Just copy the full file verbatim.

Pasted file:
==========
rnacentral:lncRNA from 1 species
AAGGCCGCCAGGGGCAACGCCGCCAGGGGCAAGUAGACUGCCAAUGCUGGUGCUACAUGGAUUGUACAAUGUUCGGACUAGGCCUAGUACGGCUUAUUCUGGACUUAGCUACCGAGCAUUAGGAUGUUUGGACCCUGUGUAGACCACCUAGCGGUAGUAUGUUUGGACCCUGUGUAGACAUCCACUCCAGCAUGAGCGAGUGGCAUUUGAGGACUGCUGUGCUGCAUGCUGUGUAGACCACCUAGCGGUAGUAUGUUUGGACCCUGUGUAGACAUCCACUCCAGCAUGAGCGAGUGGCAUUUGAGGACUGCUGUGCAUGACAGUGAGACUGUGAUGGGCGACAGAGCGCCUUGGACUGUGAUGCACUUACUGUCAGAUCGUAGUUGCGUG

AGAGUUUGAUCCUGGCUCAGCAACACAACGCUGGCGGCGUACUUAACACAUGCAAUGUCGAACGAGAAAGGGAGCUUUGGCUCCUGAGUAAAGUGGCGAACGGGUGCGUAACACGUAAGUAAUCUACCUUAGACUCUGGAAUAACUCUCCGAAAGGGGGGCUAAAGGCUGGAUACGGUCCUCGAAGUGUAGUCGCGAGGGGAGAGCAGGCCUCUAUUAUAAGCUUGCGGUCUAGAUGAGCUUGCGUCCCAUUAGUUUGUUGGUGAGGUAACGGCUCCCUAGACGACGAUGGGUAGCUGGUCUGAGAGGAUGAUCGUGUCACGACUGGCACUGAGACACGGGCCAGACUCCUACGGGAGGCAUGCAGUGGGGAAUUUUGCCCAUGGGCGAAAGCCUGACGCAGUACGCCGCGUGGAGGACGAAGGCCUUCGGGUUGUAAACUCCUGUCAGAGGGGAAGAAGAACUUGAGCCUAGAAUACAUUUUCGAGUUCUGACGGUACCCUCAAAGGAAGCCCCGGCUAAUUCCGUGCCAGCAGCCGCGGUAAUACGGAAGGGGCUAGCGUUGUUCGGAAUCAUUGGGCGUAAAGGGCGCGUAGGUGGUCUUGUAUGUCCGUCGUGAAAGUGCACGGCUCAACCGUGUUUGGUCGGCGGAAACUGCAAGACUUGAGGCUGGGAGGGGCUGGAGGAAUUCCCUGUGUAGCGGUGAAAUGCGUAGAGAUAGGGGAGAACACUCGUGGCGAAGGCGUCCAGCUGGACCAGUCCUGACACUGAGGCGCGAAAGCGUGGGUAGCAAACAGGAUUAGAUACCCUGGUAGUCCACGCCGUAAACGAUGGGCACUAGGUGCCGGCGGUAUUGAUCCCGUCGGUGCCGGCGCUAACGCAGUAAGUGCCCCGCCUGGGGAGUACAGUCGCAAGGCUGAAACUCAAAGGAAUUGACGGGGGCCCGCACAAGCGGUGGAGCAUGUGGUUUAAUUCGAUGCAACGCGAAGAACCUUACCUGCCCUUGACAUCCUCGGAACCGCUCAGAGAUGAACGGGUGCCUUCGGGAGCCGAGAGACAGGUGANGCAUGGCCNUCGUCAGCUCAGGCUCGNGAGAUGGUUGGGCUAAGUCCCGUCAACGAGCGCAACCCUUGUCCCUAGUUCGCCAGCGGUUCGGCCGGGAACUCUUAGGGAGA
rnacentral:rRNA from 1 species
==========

rnacentral:lncRNA from 1 species
AAGGCCGCCAGGGGCAACGCCGCCAGGGGCAAGUAGACUGCCAAUGCUGGUGCUACAUGGAUUGUACAAUGUUCGGACUAGGCCUAGUACGGCUUAUUCUGGACUUAGCUACCGAGCAUUAGGAUGUUUGGACCCUGUGUAGACCACCUAGCGGUAGUAUGUUUGGACCCUGUGUAGACAUCCACUCCAGCAUGAGCGAGUGGCAUUUGAGGACUGCUGUGCUGCAUGCUGUGUAGACCACCUAGCGGUAGUAUGUUUGGACCCUGUGUAGACAUCCACUCCAGCAUGAGCGAGUGGCAUUUGAGGACUGCUGUGCAUGACAGUGAGACUGUGAUGGGCGACAGAGCGCCUUGGACUGUGAUGCACUUACUGUCAGAUCGUAGUUGCGUG

AGAGUUUGAUCCUGGCUCAGCAACACAACGCUGGCGGCGUACUUAACACAUGCAAUGUCGAACGAGAAAGGGAGCUUUGGCUCCUGAGUAAAGUGGCGAACGGGUGCGUAACACGUAAGUAAUCUACCUUAGACUCUGGAAUAACUCUCCGAAAGGGGGGCUAAAGGCUGGAUACGGUCCUCGAAGUGUAGUCGCGAGGGGAGAGCAGGCCUCUAUUAUAAGCUUGCGGUCUAGAUGAGCUUGCGUCCCAUUAGUUUGUUGGUGAGGUAACGGCUCCCUAGACGACGAUGGGUAGCUGGUCUGAGAGGAUGAUCGUGUCACGACUGGCACUGAGACACGGGCCAGACUCCUACGGGAGGCAUGCAGUGGGGAAUUUUGCCCAUGGGCGAAAGCCUGACGCAGUACGCCGCGUGGAGGACGAAGGCCUUCGGGUUGUAAACUCCUGUCAGAGGGGAAGAAGAACUUGAGCCUAGAAUACAUUUUCGAGUUCUGACGGUACCCUCAAAGGAAGCCCCGGCUAAUUCCGUGCCAGCAGCCGCGGUAAUACGGAAGGGGCUAGCGUUGUUCGGAAUCAUUGGGCGUAAAGGGCGCGUAGGUGGUCUUGUAUGUCCGUCGUGAAAGUGCACGGCUCAACCGUGUUUGGUCGGCGGAAACUGCAAGACUUGAGGCUGGGAGGGGCUGGAGGAAUUCCCUGUGUAGCGGUGAAAUGCGUAGAGAUAGGGGAGAACACUCGUGGCGAAGGCGUCCAGCUGGACCAGUCCUGACACUGAGGCGCGAAAGCGUGGGUAGCAAACAGGAUUAGAUACCCUGGUAGUCCACGCCGUAAACGAUGGGCACUAGGUGCCGGCGGUAUUGAUCCCGUCGGUGCCGGCGCUAACGCAGUAAGUGCCCCGCCUGGGGAGUACAGUCGCAAGGCUGAAACUCAAAGGAAUUGACGGGGGCCCGCACAAGCGGUGGAGCAUGUGGUUUAAUUCGAUGCAACGCGAAGAACCUUACCUGCCCUUGACAUCCUCGGAACCGCUCAGAGAUGAACGGGUGCCUUCGGGAGCCGAGAGACAGGUGANGCAUGGCCNUCGUCAGCUCAGGCUCGNGAGAUGGUUGGGCUAAGUCCCGUCAACGAGCGCAACCCUUGUCCCUAGUUCGCCAGCGGUUCGGCCGGGAACUCUUAGGGAGA
rnacentral:rRNA from 1 species